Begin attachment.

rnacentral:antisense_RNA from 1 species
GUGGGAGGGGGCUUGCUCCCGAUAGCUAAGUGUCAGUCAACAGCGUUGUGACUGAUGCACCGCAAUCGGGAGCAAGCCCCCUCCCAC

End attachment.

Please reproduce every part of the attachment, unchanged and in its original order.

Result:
rnacentral:antisense_RNA from 1 species
GUGGGAGGGGGCUUGCUCCCGAUAGCUAAGUGUCAGUCAACAGCGUUGUGACUGAUGCACCGCAAUCGGGAGCAAGCCCCCUCCCAC